Inuit in Ontario reconnecting at COVID-19 vaccine appointments 

Over 1,000 Inuit in Ontario have received their 1st dose of Pfizer’s COVID-19 vaccine

Inuit living in Ontario have been reconnecting with friends and community members they haven’t seen in months months while going to get the COVID-19 vaccine at the Akausivik Inuit family health centre in Ottawa. (Photo provided by Connie Siedule)

By Mélanie Ritchot

Inuit across Ontario are reconnecting with friends and community members they haven’t seen for months in the post-vaccination room of Ottawa’s Inuit health centre.

“It’s been uplifting for many people and has provided that much-needed visit,” said Connie Siedule, the executive director of the Akausivik Inuit Family Health Team in Ottawa.

She talked to Nunatsiaq News after speaking at a meeting on Tuesday hosted by Pauktuutit Inuit Women of Canada, on the organization’s COVID-19 Stay Safe Campaign for Inuit women and families in Inuit Nunangat and Ottawa.

“There’s a bit of relief,” she said of the mood in the waiting room.

“Like, ‘Oh hey we’re still here … we’ve survived so far,’” adding the pandemic has been mentally tough for many, especially with strict health restrictions in Ontario.

Sometimes, it takes a few minutes for people to recognize each other since everyone is wearing masks, she said, but once someone notices a friend, they start catching up and sharing what they’ve been up to during isolation.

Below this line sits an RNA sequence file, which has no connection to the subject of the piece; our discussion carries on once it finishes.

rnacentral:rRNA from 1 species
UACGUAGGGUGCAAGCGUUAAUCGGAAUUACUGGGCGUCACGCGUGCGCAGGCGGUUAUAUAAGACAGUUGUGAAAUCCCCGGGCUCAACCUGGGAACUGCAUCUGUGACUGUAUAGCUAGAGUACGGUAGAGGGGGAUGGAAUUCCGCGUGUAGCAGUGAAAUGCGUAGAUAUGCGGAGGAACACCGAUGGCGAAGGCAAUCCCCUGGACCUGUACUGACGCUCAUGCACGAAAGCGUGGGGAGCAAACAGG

The optimism has spread to the nursing team working on the floor where the vaccines are given, said Siedule. 

“It’s a very cheerful floor, for those working and those who come in to receive their shot.”

Siedule said she has seen a much higher uptake for the COVID-19 vaccine compared to other vaccines in the past.

Many Inuit are not used to being first in line for things like vaccines, she explained.

“We’re used to having to wait and to fight for years and advocate for decades before anything happens.”

Inuit are considered a priority group to get the COVID-19 vaccine in Ontario because of increased risks from the disease.

Siedule says Inuit experience higher rates of tuberculosis and other respiratory infections compared to the rest of the world.

She also spoke about how Inuit have lower life expectancies compared to the rest of the Canadian population by 10 to 17 years during the meeting.

Siedule said she wants patients to realize “you’re being prioritized for a lot of good reasons and you deserve this vaccine.”

More than 1,000 Inuit in Ontario have received their first dose of the Pfeizer vaccine so far, and that number is expected to grow beyond 1,300 by the end of the week, said Siedule.

The clinic at the Akausivik Inuit family health centre began on Feb. 17.

Siedule said it’s difficult to know how many Inuit are in Ontario and how many are eligible for the vaccine, since census data is lagging behind. She said the numbers in the last census were at least 30 to 40 per cent lower than their own patient records show.

Ottawa has the largest Inuit community in the south. Agencies that serve the community, like Akausivik, estimate the city’s Inuit population is between 3,700 and 6,000, according to the Indigenous Peoples Atlas of Canada.

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